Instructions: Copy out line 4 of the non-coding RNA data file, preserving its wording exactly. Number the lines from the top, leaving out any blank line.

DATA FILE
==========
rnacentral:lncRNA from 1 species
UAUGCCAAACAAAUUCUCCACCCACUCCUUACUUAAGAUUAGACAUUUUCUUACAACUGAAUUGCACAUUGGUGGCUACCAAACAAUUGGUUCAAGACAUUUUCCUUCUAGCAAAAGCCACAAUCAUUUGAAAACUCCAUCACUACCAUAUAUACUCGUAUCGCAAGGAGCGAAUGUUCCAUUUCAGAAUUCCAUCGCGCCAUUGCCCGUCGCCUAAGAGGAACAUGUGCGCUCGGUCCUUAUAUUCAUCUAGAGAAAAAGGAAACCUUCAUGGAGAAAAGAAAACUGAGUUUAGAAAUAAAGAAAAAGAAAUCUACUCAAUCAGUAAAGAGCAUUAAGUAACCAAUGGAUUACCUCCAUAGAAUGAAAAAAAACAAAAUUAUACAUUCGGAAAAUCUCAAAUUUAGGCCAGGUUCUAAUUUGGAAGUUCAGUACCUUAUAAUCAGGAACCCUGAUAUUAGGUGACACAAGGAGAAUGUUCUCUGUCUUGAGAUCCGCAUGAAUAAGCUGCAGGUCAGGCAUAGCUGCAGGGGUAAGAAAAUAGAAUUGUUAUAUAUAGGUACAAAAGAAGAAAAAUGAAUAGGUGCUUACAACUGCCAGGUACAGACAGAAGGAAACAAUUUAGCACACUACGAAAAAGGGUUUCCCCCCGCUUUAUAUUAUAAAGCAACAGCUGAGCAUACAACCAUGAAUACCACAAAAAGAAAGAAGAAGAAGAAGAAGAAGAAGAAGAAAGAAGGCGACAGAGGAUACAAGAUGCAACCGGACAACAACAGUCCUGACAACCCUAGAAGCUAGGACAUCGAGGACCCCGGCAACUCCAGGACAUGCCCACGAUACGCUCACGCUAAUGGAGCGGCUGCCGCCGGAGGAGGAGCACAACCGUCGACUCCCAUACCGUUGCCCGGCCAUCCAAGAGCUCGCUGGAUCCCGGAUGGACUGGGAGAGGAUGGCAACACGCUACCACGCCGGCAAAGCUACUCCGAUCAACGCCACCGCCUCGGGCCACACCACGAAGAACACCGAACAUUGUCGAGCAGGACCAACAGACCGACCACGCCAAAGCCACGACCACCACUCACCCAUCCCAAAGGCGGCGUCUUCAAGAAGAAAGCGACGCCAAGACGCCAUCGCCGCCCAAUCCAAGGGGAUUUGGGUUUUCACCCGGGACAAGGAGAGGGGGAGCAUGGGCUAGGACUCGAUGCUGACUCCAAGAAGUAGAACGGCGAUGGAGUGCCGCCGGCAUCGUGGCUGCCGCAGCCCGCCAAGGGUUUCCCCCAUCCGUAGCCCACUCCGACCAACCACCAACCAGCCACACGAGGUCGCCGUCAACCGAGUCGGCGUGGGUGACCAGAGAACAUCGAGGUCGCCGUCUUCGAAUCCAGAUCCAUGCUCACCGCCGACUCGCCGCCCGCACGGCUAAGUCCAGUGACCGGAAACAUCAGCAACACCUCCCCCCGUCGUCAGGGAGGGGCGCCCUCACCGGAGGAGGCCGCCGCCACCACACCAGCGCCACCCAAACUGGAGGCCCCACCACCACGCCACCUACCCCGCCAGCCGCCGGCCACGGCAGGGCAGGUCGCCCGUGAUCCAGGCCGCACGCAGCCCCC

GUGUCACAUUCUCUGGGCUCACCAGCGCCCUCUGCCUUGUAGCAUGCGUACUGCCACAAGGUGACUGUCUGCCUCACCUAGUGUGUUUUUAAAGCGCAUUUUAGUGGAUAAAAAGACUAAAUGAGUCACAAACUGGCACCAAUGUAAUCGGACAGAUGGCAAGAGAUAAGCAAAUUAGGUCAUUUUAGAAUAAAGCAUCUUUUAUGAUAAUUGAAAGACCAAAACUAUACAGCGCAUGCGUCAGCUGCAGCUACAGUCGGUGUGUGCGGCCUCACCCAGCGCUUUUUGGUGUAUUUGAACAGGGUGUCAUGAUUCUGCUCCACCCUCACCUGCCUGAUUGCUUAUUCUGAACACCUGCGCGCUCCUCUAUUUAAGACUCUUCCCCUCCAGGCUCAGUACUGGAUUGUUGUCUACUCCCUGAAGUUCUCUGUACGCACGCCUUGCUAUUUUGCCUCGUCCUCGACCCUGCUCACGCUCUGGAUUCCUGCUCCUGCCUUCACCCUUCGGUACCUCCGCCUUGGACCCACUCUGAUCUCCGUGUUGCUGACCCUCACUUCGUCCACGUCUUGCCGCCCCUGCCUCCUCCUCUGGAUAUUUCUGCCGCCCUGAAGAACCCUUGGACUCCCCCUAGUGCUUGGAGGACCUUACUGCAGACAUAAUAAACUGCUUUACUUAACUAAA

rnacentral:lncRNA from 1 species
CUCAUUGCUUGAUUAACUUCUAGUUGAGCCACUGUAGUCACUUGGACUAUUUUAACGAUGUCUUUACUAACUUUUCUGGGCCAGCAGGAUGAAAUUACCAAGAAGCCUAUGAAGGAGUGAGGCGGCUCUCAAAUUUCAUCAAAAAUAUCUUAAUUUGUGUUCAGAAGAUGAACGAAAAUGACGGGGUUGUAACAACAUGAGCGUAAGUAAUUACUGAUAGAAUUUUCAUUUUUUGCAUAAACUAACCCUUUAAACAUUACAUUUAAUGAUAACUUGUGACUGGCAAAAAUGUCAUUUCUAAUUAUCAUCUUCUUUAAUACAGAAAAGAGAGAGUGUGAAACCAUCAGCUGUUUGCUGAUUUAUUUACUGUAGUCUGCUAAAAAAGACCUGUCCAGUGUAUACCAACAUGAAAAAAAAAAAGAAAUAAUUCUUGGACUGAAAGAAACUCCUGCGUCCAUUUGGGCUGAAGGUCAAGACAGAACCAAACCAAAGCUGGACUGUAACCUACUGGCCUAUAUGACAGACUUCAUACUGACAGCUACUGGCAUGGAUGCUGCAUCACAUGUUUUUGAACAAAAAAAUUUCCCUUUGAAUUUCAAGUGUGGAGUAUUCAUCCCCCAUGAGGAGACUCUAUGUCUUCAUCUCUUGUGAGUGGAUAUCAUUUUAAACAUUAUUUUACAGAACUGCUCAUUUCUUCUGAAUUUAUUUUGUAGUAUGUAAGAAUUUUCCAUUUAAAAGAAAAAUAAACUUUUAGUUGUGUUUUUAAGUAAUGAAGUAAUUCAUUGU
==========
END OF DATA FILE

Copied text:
rnacentral:lncRNA from 1 species